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A CurtainUp Review
My Occasion of Sin

This is a story about music. Anyway, that’s what I think. used to be, I didn’t think much about music.— Vivian
On June 24, 1969, an Omaha police officer fatally shot Vivian Strong, a 14-year-old black teenager, at the Logan Fontenelle Housing Project. The police had received a call about a break-in and were arresting a a suspect when Vivian and her friends went to see what had happened. A crowd immediately gathered, bottles were thrown at the police and businesses were firebombed. Over several days of rioting, there was looting, vandalism, injuries and arrests.

Playwright Monica Bauer has used this riot as the basis of her play now making its New York premiere at Urban Stages and directed by Frances Hill. The play, speaks not so much to the riots as to the attitudes that led to racial strife in Omaha.

My Occasion of Sin is a 5-character play in which the central character, Vivian Strong (Danielle Thompson) speaks only in monologues. The other characters are involved in a struggle between African-American musician Luigi Wells (Royce Johnson) and his Polish employers, Helen and George Hollewinski (Janice Hall and Scott Robertson), who own a music store and school.

George, a frustrated jazz musician, grows closer to Luigi, while Helen becomes increasingly suspicious and afraid of the black man. The situation is complicated by one of George’s students, Helen Mary Margaret Irzandowsky (Rosebud Baker), who insists that Luigi teach her how to play the drums, even though Helen, George and Luigi all agree this is no instrument for a young lady.

A love of music might bring together all the characters in the play. Mary Margaret and Vivian are both enamored of the new music they hear on the radio. The best day of Vivian’s life is when her mother brings her a jazz record for her fourteenth birthday. Mary Margaret is thrilled by the music Luigi introduces her to. But the outside world keeps intruding. Vivian’s boyfriend, Duane, wears a ‘fro and “spend all his day hangin’ out on the corner talkin’ ’bout Black Power.” Helen, afraid of what her church friends may say, informs Luigi that he is no longer welcome at the Hollewinski’s business and fires him when she glimpses the enthusiastic Mary Margaret hugging him.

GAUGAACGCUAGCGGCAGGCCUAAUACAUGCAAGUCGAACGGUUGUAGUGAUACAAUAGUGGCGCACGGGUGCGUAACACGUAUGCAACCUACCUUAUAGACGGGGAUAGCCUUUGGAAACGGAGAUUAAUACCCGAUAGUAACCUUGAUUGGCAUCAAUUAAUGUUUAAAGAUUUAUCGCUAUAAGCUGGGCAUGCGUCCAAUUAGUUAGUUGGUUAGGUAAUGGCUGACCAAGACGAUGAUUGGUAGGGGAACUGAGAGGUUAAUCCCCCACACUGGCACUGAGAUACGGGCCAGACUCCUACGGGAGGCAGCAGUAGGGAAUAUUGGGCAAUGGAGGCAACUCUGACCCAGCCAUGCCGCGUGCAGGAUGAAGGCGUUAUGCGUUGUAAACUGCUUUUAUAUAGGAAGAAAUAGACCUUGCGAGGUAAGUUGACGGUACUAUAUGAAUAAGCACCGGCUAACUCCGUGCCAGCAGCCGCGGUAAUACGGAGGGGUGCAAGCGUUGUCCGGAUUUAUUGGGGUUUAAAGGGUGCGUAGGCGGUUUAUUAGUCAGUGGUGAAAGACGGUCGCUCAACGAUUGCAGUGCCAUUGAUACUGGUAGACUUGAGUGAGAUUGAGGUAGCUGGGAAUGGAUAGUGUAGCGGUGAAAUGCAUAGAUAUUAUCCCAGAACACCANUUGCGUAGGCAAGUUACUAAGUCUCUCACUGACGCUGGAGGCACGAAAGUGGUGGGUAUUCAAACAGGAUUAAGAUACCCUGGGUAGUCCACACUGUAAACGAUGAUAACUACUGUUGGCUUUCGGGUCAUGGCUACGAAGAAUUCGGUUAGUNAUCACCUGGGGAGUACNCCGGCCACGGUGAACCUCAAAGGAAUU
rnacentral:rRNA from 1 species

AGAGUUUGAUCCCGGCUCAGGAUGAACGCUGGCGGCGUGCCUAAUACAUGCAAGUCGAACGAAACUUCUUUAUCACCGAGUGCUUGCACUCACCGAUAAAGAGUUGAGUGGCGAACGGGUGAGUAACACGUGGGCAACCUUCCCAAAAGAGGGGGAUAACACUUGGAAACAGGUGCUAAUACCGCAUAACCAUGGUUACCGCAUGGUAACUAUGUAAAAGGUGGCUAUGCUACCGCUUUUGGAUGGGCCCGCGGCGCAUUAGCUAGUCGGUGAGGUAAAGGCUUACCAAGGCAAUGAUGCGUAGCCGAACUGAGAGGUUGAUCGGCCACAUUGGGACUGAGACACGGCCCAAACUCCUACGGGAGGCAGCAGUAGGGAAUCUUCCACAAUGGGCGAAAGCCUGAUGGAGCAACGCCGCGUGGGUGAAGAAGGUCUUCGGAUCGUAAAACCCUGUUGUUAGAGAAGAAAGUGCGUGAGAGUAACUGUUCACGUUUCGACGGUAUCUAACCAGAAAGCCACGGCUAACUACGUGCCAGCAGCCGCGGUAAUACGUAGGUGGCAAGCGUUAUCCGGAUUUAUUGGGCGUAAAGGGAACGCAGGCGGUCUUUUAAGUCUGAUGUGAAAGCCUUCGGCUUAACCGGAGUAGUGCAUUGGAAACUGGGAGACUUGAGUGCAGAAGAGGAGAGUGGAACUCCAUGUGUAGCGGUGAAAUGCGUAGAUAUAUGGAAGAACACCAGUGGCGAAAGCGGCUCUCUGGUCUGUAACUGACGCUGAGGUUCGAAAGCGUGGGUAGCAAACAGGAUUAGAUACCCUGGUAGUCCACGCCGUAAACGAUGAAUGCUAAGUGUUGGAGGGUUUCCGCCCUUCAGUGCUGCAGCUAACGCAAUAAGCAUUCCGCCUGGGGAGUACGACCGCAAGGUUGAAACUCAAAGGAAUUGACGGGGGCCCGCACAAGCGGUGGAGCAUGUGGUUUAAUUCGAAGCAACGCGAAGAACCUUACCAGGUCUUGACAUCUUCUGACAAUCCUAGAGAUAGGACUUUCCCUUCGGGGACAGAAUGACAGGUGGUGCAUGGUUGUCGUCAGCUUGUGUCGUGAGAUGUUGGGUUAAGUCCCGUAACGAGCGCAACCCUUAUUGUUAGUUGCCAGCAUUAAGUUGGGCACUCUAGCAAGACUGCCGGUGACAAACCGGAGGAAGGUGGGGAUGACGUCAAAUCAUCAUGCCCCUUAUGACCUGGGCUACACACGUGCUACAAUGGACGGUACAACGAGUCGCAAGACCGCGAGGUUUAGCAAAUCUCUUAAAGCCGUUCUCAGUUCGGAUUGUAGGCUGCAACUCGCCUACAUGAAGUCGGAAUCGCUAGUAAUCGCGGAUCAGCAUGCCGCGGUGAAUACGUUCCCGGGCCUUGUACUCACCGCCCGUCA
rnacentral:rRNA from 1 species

The play is based on an excellent concept, but suffers awkward plot development (the characters seem found, rather than developed) and inappropriate casting. Thompson struggles admirably with overly long and overly numerous dialogues; she is hampered by the fact that she is clearly an adult in a child’s role. This kind of casting may work in some circumstances but not in a realistic play such as My Occasion of Sin. Baker is similarly miscast. Even Johnson is too young for his role.

Nevertheless, much of My Occasion of Sin is quite effective and moving. We are more than willing to feel sympathy for these two young girls caught up in a racism they want no part of. Even George, who harbors racist thoughts, is a complex character whom we cannot entirely dislike. Helen, however, is beyond redemption, and is the real occasion of sin.

Despite its long history of workshops, My Occasion of Sin has many of the earmarks of an early play. It also shows considerable promise. This staging is Bauer’s off-Broadway debut after a long time in the off-off Broadway and Fringe worlds. It is a huge move which does credit to both Urban Stages and Bauer. Kevin R. Frech’s projections do a good job exploring the world in which Monica Bauer's characters live.

My Occasion of Sin
By Monica Bauer
Directed by Frances Hill
Cast: Rosebud Baker (Mary Margaret Irzandowsky) , Janice Hall (Helen Hollewinski), Royce Johnson (Luigi Wells), Scott Robertson (George Hollewinski), Danielle Thompson Vivian Strong)
Set Design: Roman Tatarowicz
Lighting Design: Deborah Constantine
Sound Design: Sean Hagerty
Costume Design: Anna Lacivita
Projection Designer: Kevin R. Frech
Stage Manager: Debra Stunich
Running Time: 90 minutes, no intermission
Urban Stages 259 West 30 Street
From 3/16/12; opening 3/21/12; closing 4/25/12. Monday at 8PM, with added performances on 3/24/12 at 3 PM and 4/10/12 at 8 PM. In addition to the added performances, Urban Stages also announces several post–show talkbacks including: Prof. of African-American Studies Piper Kendrix Williams (March 24), Yale Divinity School Professor, Mary Moschella (March 31), NPR’s Kurt Anderson (April 1), Barry Levitt (April 10). These talkbacks are free with the purchase of a ticket to My Occasion of Sin.
Thursday – Saturday 8PM; Sunday at 5PM
Tickets: $40, 212-868-4444
Reviewed by Paulanne Simmons March 20, 2012
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